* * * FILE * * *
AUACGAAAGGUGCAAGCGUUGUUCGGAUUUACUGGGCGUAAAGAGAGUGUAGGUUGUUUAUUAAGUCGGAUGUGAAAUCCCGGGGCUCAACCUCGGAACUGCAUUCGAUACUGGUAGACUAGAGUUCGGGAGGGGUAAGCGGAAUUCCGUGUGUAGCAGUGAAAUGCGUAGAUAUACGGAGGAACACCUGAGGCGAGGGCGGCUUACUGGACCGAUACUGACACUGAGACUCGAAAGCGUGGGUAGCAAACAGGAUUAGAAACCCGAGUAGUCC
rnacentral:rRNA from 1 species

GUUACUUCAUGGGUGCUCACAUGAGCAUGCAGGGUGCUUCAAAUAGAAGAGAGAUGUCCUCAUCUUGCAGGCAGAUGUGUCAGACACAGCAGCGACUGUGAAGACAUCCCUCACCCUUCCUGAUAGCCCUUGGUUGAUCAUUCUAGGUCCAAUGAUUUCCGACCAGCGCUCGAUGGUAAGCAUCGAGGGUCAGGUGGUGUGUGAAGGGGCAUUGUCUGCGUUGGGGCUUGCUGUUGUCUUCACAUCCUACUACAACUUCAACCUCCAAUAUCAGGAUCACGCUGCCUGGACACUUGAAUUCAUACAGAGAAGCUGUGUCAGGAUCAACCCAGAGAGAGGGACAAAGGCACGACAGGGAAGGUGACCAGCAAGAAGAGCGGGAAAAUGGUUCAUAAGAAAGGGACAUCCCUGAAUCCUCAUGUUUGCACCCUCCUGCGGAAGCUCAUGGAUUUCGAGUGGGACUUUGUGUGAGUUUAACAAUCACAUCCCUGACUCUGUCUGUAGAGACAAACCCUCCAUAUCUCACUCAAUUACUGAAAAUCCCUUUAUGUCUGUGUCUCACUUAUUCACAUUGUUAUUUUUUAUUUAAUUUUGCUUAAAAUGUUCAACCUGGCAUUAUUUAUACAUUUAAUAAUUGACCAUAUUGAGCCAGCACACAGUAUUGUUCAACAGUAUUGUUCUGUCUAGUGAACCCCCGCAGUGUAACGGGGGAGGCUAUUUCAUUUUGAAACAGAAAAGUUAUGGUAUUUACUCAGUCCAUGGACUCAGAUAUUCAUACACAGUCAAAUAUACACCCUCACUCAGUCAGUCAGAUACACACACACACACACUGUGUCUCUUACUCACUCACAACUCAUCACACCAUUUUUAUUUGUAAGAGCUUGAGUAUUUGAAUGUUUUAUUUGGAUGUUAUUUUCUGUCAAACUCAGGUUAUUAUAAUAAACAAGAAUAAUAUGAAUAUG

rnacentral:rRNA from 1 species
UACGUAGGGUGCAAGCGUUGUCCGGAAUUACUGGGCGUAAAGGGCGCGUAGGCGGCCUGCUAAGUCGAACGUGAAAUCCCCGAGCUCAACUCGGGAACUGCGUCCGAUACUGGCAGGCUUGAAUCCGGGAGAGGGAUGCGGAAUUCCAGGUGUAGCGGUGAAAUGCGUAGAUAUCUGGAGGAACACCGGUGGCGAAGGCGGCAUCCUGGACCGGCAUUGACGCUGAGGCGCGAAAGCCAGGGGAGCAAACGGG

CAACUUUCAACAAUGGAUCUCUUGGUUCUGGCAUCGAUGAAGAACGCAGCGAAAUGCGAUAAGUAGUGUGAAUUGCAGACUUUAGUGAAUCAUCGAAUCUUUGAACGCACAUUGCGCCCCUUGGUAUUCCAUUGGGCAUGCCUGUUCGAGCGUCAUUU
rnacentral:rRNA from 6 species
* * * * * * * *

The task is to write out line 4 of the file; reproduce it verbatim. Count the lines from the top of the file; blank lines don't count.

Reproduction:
rnacentral:rRNA from 1 species